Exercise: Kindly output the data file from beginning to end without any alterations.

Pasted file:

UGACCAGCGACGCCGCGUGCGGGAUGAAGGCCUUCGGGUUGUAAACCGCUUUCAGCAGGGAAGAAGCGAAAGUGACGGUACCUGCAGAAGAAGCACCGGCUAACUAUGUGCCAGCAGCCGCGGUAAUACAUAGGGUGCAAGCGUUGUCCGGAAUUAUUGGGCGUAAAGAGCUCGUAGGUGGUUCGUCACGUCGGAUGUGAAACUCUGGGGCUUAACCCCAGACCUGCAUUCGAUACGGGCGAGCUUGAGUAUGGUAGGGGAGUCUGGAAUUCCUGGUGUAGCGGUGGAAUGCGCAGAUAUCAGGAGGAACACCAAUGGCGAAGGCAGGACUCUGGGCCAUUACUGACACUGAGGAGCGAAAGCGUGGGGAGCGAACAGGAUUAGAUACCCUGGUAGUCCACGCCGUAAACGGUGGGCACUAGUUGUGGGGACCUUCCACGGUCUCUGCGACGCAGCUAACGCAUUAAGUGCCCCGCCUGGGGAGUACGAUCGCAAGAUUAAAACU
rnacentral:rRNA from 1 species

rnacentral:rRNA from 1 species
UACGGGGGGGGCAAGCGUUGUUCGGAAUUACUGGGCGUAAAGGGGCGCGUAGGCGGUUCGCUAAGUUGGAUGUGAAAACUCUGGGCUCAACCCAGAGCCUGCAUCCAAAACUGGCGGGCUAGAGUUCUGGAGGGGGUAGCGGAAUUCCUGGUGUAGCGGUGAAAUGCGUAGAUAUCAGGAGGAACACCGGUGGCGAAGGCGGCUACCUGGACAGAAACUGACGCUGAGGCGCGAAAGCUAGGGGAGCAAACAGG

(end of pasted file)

UGACCAGCGACGCCGCGUGCGGGAUGAAGGCCUUCGGGUUGUAAACCGCUUUCAGCAGGGAAGAAGCGAAAGUGACGGUACCUGCAGAAGAAGCACCGGCUAACUAUGUGCCAGCAGCCGCGGUAAUACAUAGGGUGCAAGCGUUGUCCGGAAUUAUUGGGCGUAAAGAGCUCGUAGGUGGUUCGUCACGUCGGAUGUGAAACUCUGGGGCUUAACCCCAGACCUGCAUUCGAUACGGGCGAGCUUGAGUAUGGUAGGGGAGUCUGGAAUUCCUGGUGUAGCGGUGGAAUGCGCAGAUAUCAGGAGGAACACCAAUGGCGAAGGCAGGACUCUGGGCCAUUACUGACACUGAGGAGCGAAAGCGUGGGGAGCGAACAGGAUUAGAUACCCUGGUAGUCCACGCCGUAAACGGUGGGCACUAGUUGUGGGGACCUUCCACGGUCUCUGCGACGCAGCUAACGCAUUAAGUGCCCCGCCUGGGGAGUACGAUCGCAAGAUUAAAACU
rnacentral:rRNA from 1 species

rnacentral:rRNA from 1 species
UACGGGGGGGGCAAGCGUUGUUCGGAAUUACUGGGCGUAAAGGGGCGCGUAGGCGGUUCGCUAAGUUGGAUGUGAAAACUCUGGGCUCAACCCAGAGCCUGCAUCCAAAACUGGCGGGCUAGAGUUCUGGAGGGGGUAGCGGAAUUCCUGGUGUAGCGGUGAAAUGCGUAGAUAUCAGGAGGAACACCGGUGGCGAAGGCGGCUACCUGGACAGAAACUGACGCUGAGGCGCGAAAGCUAGGGGAGCAAACAGG